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Taxes Are Not the Civic Duty We Claim Them To Be

CNN reports that 8-in-10 Trump backers say paying taxes is ‘civic duty’.

Is it really? It’s certainly not the way we act as a country.

If it’s a civic duty to pay taxes, why do we create so many loopholes for the “rich” to get out of paying them? What about their fair share?

If it’s a civic duty to pay taxes, why do we create exemptions for the “poor” to get out of paying them? Are they not citizens?

If it’s a civic duty to pay taxes, remove all the loopholes and exemptions people use to get out of paying taxes. Make them pay their fair share, and when I say fair, I mean the definition of fair that we all learned when we were children. Everyone pays the same thing; the same rate. Regardless of who you are. In the eyes of the government, there should be no rich or poor, and there should be no loopholes or exemptions. That’s the only way to ensure all people pay their fair share, especially if you think it’s their civic duty.

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Is Giving Always Good?

When I first approached this topic in [Three Kinds of Poor](https://www.jalandoak.com/2013/11/three-kinds-of-poor/), I knew what I wanted to say, but really didn’t know the best way to go about it. The result was an article that I thought was weak. The original intent was to provide an extended definition of who the poor were and weren’t as opposed to an argument supporting a point of view, but it didn’t work very well. I posted it anyway, which turned out to be a blessing. I had a good discussion regarding the topic, and was pointed to [another article](http://morechrist.blogspot.com/2013/11/if-you-dont-work-you-dont-eat.html) that had been posted a day later. I decided the article would have to be rewritten. This is the rewrite.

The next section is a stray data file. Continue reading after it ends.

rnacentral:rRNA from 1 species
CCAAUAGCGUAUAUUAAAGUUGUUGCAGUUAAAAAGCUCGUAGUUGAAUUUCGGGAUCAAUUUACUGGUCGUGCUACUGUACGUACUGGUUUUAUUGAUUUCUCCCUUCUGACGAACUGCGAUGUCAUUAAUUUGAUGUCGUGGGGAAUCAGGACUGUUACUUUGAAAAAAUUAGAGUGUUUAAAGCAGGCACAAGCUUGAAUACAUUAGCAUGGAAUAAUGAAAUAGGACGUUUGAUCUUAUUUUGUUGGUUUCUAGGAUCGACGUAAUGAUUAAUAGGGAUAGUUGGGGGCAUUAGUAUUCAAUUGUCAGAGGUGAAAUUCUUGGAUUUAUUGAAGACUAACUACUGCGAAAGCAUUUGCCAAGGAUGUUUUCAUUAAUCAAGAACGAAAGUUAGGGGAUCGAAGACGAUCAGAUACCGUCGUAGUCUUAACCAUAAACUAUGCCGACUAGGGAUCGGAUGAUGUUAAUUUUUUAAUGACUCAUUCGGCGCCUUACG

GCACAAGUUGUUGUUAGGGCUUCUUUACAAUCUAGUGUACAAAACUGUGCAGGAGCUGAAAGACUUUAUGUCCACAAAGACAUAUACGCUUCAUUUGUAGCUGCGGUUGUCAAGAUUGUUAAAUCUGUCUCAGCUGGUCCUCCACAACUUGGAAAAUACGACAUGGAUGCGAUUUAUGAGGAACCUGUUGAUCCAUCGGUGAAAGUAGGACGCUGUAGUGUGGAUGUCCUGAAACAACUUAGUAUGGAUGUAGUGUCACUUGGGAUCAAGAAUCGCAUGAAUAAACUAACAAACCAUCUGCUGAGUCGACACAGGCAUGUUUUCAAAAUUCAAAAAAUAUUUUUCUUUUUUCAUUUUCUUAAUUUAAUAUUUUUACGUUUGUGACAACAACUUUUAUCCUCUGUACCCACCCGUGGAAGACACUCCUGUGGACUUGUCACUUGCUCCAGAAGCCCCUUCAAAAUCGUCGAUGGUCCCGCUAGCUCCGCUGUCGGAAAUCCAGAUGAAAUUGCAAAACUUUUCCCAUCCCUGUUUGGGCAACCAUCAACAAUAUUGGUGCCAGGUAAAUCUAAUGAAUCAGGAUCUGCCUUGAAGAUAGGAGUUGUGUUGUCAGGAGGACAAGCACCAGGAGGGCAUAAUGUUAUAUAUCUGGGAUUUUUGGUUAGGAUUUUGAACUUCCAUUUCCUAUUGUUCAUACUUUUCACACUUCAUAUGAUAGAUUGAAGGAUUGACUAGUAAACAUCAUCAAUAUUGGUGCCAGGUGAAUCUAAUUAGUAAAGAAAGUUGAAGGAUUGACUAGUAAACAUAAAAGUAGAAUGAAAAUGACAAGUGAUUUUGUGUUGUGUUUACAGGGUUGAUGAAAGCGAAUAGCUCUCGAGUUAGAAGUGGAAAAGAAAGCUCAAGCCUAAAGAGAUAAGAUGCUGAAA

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Taxes Are Not Charity

There’s a lot of discussion about helping the poor through government programs. We’re told, if you’re a Christian you will support helping the poor through welfare, and if you don’t, you aren’t a real Christian. While I understand the argument, it’s never sat well with me. I think that’s because it doesn’t take the discussion deep enough. It’s a surface argument, a jab, for one group of people to get another group of people to feel bad for their position. This is the first in a small group of articles I’m planning on the deeper subject of Christian giving and welfare, and I think the best way to start is by answering the question: what is Christian giving?

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